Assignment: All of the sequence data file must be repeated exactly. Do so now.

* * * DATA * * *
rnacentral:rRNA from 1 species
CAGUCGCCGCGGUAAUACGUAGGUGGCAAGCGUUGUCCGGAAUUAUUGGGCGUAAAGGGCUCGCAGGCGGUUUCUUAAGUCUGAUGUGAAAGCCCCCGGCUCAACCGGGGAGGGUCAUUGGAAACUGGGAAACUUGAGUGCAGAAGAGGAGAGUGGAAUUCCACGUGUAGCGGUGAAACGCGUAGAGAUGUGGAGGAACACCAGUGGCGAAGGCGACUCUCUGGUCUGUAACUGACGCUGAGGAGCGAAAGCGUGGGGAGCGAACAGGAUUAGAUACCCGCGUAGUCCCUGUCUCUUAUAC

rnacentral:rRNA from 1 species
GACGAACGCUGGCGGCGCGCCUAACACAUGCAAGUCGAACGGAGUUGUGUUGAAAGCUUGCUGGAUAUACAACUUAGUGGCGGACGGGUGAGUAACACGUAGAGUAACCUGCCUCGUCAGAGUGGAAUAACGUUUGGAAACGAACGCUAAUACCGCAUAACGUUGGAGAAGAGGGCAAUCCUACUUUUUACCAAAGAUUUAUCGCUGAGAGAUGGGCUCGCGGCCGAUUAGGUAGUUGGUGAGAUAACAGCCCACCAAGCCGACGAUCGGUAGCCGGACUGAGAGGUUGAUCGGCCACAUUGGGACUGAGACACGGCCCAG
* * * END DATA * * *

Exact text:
rnacentral:rRNA from 1 species
CAGUCGCCGCGGUAAUACGUAGGUGGCAAGCGUUGUCCGGAAUUAUUGGGCGUAAAGGGCUCGCAGGCGGUUUCUUAAGUCUGAUGUGAAAGCCCCCGGCUCAACCGGGGAGGGUCAUUGGAAACUGGGAAACUUGAGUGCAGAAGAGGAGAGUGGAAUUCCACGUGUAGCGGUGAAACGCGUAGAGAUGUGGAGGAACACCAGUGGCGAAGGCGACUCUCUGGUCUGUAACUGACGCUGAGGAGCGAAAGCGUGGGGAGCGAACAGGAUUAGAUACCCGCGUAGUCCCUGUCUCUUAUAC

rnacentral:rRNA from 1 species
GACGAACGCUGGCGGCGCGCCUAACACAUGCAAGUCGAACGGAGUUGUGUUGAAAGCUUGCUGGAUAUACAACUUAGUGGCGGACGGGUGAGUAACACGUAGAGUAACCUGCCUCGUCAGAGUGGAAUAACGUUUGGAAACGAACGCUAAUACCGCAUAACGUUGGAGAAGAGGGCAAUCCUACUUUUUACCAAAGAUUUAUCGCUGAGAGAUGGGCUCGCGGCCGAUUAGGUAGUUGGUGAGAUAACAGCCCACCAAGCCGACGAUCGGUAGCCGGACUGAGAGGUUGAUCGGCCACAUUGGGACUGAGACACGGCCCAG